Catherine Rousseau-Saine/From Litigation to Negotiation & Strategy Consultant

Catherine works as a negotiation and strategy consultant at Juniper, a boutique consulting firm. Prior to her current role, Catherine worked at Cirque du Soleil in the strategy and business development team, as the director of operations at Ecofuel, a cleantech Startup Accelerator, and as an associate at Norton Rose Fulbright where she practiced for 3 years. She currently volunteers at the Dr. Julien Foundation (she has been a big sister for the last 15 years!) and the Welcome Collective. 

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Let’s start with the basics. What are you doing now? In a sentence or so, describe your work/practice(s)

I work as a negotiation and strategy consultant for a boutique consulting firm called Juniper. What I do changes on a daily basis, but my focus is to help people and organisations develop their full potential especially by building/strengthening their negotiation capability and helping them develop bold strategic plans.  

I developed a passion for negotiation while in law school and it has since guided my career path from working as a litigator/mediator to managing the operations of a startup accelerator and negotiating venture capital investments, to negotiating partnerships for Cirque du Soleil and finally to working as a negotiation/strategy consultant.

Did you always imagine yourself going to law school?

 No, not at all. While in undergrad (poli sci), I wanted to become a diplomat and was planning to do a master’s degree in international relations. I was advised to get a law degree instead, as it would open more doors throughout my career, which it did! I ended up not following the initial plan and the most exciting part is that I ended up getting jobs that I didn’t even know existed while in law school.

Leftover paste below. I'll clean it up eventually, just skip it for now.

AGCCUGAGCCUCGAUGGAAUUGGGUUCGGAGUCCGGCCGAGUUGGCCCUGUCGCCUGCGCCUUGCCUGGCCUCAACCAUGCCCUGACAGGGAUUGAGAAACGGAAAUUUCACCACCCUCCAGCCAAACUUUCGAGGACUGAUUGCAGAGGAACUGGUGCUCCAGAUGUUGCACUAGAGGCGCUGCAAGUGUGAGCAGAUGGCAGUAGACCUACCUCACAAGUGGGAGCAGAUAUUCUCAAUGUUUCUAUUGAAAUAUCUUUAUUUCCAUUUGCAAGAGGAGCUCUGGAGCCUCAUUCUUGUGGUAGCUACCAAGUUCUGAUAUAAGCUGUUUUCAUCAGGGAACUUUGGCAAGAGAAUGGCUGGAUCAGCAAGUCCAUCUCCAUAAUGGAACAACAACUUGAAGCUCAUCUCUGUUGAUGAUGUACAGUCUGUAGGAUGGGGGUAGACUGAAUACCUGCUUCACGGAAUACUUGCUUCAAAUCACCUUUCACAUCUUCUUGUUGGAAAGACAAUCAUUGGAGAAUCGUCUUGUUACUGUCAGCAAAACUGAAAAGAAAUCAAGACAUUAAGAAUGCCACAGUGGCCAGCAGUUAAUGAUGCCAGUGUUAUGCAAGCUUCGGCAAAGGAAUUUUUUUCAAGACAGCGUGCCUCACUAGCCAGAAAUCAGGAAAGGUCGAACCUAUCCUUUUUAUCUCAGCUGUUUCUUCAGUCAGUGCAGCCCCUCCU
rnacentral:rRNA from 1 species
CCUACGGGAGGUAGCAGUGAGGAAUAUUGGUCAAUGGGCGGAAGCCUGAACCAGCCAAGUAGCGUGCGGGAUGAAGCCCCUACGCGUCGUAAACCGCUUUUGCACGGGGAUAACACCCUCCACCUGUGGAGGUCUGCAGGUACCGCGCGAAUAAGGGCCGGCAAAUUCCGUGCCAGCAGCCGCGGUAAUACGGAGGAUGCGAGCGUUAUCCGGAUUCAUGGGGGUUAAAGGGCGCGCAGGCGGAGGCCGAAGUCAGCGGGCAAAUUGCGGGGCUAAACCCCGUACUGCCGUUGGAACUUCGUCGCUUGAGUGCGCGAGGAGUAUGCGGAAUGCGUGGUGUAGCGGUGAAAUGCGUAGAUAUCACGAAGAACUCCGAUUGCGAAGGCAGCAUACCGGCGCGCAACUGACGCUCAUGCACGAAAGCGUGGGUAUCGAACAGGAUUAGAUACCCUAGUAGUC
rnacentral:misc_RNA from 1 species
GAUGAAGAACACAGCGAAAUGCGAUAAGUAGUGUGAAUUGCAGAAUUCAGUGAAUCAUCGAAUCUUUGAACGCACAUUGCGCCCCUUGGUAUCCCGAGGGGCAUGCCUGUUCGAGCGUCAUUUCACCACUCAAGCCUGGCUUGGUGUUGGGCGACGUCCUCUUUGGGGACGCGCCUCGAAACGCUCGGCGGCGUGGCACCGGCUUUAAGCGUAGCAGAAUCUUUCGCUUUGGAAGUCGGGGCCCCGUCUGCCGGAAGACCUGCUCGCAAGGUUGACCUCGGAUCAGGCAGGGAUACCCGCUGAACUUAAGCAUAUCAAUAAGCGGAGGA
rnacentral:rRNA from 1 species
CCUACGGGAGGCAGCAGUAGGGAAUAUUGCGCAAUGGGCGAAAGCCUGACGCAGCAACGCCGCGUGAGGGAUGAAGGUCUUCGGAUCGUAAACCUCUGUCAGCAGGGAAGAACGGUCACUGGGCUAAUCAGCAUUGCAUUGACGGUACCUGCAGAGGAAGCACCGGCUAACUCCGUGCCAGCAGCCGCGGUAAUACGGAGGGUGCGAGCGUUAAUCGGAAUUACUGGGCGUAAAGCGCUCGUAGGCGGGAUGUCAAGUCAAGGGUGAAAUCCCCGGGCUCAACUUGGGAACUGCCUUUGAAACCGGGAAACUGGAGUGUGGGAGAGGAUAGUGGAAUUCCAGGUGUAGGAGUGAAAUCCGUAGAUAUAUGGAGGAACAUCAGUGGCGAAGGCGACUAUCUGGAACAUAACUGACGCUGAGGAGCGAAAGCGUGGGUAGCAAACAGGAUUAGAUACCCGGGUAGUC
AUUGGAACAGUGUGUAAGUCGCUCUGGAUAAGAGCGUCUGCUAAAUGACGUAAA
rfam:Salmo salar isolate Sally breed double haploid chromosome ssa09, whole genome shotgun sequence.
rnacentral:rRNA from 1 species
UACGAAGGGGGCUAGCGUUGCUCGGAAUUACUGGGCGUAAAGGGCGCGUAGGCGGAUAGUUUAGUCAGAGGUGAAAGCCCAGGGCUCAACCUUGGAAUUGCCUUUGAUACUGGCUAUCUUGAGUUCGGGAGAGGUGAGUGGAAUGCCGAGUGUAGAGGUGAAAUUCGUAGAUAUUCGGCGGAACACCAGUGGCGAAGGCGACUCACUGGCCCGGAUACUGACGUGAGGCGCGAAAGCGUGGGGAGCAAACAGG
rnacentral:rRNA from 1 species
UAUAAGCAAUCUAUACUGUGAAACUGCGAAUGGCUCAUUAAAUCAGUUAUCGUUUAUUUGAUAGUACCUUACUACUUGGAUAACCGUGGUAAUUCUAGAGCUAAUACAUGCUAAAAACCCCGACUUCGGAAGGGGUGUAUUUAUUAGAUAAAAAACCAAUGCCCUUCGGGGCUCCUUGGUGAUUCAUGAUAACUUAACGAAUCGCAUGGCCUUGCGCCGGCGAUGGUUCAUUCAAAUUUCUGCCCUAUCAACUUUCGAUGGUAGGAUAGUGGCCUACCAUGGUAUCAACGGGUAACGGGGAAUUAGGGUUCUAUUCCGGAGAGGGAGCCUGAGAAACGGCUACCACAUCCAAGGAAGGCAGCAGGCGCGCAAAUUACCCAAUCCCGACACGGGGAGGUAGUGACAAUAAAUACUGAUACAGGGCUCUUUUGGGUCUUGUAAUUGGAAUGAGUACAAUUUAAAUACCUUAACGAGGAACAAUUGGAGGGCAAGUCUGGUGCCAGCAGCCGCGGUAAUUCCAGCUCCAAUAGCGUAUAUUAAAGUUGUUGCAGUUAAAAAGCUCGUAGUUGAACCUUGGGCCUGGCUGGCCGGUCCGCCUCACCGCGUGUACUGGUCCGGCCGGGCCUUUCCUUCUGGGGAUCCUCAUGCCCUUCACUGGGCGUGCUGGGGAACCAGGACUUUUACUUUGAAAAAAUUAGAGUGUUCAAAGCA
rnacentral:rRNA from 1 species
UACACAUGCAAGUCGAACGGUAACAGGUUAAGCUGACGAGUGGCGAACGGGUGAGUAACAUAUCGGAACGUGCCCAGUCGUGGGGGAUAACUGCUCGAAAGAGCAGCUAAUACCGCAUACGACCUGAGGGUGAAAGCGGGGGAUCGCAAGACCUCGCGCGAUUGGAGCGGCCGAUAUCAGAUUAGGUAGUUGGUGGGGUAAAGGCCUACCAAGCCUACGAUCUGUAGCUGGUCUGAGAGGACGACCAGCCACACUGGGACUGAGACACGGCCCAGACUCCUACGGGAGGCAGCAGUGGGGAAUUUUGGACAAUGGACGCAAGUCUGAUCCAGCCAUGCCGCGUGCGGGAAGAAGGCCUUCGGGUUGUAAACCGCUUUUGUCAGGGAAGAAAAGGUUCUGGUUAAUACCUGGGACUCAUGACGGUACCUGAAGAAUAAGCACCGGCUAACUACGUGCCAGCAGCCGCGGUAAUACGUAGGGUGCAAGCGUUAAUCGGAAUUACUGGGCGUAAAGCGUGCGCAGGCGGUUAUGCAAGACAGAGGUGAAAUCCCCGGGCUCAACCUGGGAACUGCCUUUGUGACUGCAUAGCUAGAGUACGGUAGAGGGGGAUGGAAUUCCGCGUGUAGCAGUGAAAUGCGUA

At what moment did you realise you wanted to take your legal education and career in your own direction?  What were the steps you took and opportunities you seized in order to get where you are?

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While in law school, I knew from the outset that I wasn’t going to follow a traditional path. I felt quite lost during the two first years until I took a mediation class that was a real game changer for me. I knew that I was on to something, so I decided to take as many classes as possible on mediation and negotiation inside and outside the Faculty and did as many internships as possible at different institutions, such as at the International Chamber of Commerce in Paris and at the Canadian Embassy in Lima, Peru. These learning experiences allowed me to specialize in a field that I became truly passionate about. 

 

While I decided to take a more traditional path after graduation (i.e. working at a law firm), I used my non-billable hours to further develop my skills in negotiation. For example, I started to give negotiation training to my colleagues as well as to some clients of the firm. After 3 years of practicing law, I was ready to move away from the traditional law firm path and take my career in my own direction.

What makes your current practice “lawfully uncommon”?